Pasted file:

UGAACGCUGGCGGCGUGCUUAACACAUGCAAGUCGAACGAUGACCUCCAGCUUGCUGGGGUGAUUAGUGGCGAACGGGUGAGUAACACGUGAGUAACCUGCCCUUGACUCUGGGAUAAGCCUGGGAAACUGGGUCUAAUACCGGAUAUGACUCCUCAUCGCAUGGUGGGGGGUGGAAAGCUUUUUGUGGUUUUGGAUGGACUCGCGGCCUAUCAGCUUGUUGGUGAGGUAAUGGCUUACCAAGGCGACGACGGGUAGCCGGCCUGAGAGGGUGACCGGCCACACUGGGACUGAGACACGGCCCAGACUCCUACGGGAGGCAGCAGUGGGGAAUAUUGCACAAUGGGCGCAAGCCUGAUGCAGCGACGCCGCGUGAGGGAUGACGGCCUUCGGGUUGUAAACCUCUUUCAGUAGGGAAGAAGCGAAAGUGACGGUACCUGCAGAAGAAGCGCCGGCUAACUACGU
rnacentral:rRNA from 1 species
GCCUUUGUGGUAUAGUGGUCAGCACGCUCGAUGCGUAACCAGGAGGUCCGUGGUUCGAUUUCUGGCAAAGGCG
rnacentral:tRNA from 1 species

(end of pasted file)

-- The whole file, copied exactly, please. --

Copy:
UGAACGCUGGCGGCGUGCUUAACACAUGCAAGUCGAACGAUGACCUCCAGCUUGCUGGGGUGAUUAGUGGCGAACGGGUGAGUAACACGUGAGUAACCUGCCCUUGACUCUGGGAUAAGCCUGGGAAACUGGGUCUAAUACCGGAUAUGACUCCUCAUCGCAUGGUGGGGGGUGGAAAGCUUUUUGUGGUUUUGGAUGGACUCGCGGCCUAUCAGCUUGUUGGUGAGGUAAUGGCUUACCAAGGCGACGACGGGUAGCCGGCCUGAGAGGGUGACCGGCCACACUGGGACUGAGACACGGCCCAGACUCCUACGGGAGGCAGCAGUGGGGAAUAUUGCACAAUGGGCGCAAGCCUGAUGCAGCGACGCCGCGUGAGGGAUGACGGCCUUCGGGUUGUAAACCUCUUUCAGUAGGGAAGAAGCGAAAGUGACGGUACCUGCAGAAGAAGCGCCGGCUAACUACGU
rnacentral:rRNA from 1 species
GCCUUUGUGGUAUAGUGGUCAGCACGCUCGAUGCGUAACCAGGAGGUCCGUGGUUCGAUUUCUGGCAAAGGCG
rnacentral:tRNA from 1 species